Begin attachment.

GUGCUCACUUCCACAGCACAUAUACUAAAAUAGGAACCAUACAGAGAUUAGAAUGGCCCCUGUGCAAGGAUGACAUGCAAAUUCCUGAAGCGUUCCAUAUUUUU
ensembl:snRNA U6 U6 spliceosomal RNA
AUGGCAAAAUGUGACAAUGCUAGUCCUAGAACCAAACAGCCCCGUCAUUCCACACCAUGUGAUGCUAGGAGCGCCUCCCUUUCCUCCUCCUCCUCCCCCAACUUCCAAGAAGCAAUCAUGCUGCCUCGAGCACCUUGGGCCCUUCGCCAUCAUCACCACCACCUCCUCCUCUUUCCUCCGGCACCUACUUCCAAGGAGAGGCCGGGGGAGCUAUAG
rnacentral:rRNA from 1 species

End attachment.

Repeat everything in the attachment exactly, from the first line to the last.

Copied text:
GUGCUCACUUCCACAGCACAUAUACUAAAAUAGGAACCAUACAGAGAUUAGAAUGGCCCCUGUGCAAGGAUGACAUGCAAAUUCCUGAAGCGUUCCAUAUUUUU
ensembl:snRNA U6 U6 spliceosomal RNA
AUGGCAAAAUGUGACAAUGCUAGUCCUAGAACCAAACAGCCCCGUCAUUCCACACCAUGUGAUGCUAGGAGCGCCUCCCUUUCCUCCUCCUCCUCCCCCAACUUCCAAGAAGCAAUCAUGCUGCCUCGAGCACCUUGGGCCCUUCGCCAUCAUCACCACCACCUCCUCCUCUUUCCUCCGGCACCUACUUCCAAGGAGAGGCCGGGGGAGCUAUAG
rnacentral:rRNA from 1 species